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In Response Column / It's true: No waste-rock piles, no acid mine drainage at Twin Metals

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Boxes filled with 1.5 million feet of core samples are kept by Twin Metals inside a 17,000-square-foot storage facility in Ely. The storage building opened in 2013. Another 500,000 feet of core samples have been sent by the company to state-managed storage facilities. Every box of core is documented digitally by Twin Metals’ geologists. “It can be thought of as a library of exactly where our mineral deposits are located beneath the surface,” Twin Metals Public Relations Manager Kathy Graul said to the News Tribune Opinion page.
We are part of The Trust Project.

We at Twin Metals always appreciate an opportunity to educate the public on mining and our project, a 21st-century underground mine that will utilize dry stack storage technology to manage its tailings. A Nov. 16 commentary in the News Tribune (In Response: “Twin Metals is selling Minnesota a fantasy”) suggested that I lied to the News Editorial Board regarding waste rock. It seems appropriate to respond.

The comments brought into question are related to the fact that there are two primary potential sources of acid rock drainage at a mining operation. The first is waste rock piles, which are generally defined as bedrock mined and transported out of a pit, which has no mineral concentrations of economic interest. The second potential source are tailings, the finely ground residuals that remain after the mill process has removed the valuable minerals from the ore. When exposed to air and water, waste rock and tailings that contain high sulfur can potentially produce acid rock drainage if not managed properly.

By mining underground and only bringing ore to the surface, Twin Metals will not have any waste rock piles stored on the surface the way a typical open-pit mine does. No strip ratio, no waste rock. The geology and location of our mineral deposit result in our ability to mine this ore surgically deep underground. This method removes one of the sources of potential acid rock drainage.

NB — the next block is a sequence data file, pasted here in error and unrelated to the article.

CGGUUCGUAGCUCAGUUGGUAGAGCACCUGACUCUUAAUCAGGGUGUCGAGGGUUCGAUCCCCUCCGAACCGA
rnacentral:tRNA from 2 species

Tailings, on the other hand, will be stored on the surface, utilizing the best available technology: dry stack storage. Based on ongoing extensive testing, to be assessed by regulators and the public in the coming years, the sulfur content remaining in our project’s tailings will be too low to generate acid rock drainage. This removes the second source of potential acid rock drainage.

Twin Metals has invested more than $450 million to date to develop a mine proposal that will highlight new technologies and sustainable tailings management. All of this in a state that has the most rigorous environmental and labor standards in place to ensure it is done right. This point in particular is one the Editorial Board very poignantly brought to light in the opening paragraph of its Nov. 12 “Our View” editorial, “Twin Metals poised to prove it’s responsible.”

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Northeastern Minnesota is home to 99% of this country’s known nickel resources, 88% of its cobalt, over half of its platinum and palladium, and a third of the country’s copper. We all have a responsibility to mine this critical mineral resource appropriately — while protecting Minnesota’s environment for future generations.

Twin Metals takes that responsibility seriously, and our team is proud of the work we have done.

We expect to submit our mine plan of operations to regulators soon, kicking off a multi-year environmental-review and permitting process. This will provide many opportunities for public input. I hope that as we move through this process, we can sit down at the table and have a good dialogue about the project and concerns regarding mining. My door is always open.

Julie Padilla is chief regulatory officer for Twin Metals Minnesota. She works out of St. Paul.

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Twin Metals Director of Operations and Safety Dean DeBeltz shows News Tribune Editorial Board members the site of the company's planned underground mine near Ely. The site visit was in late October.

Related Topics: TWIN METALS
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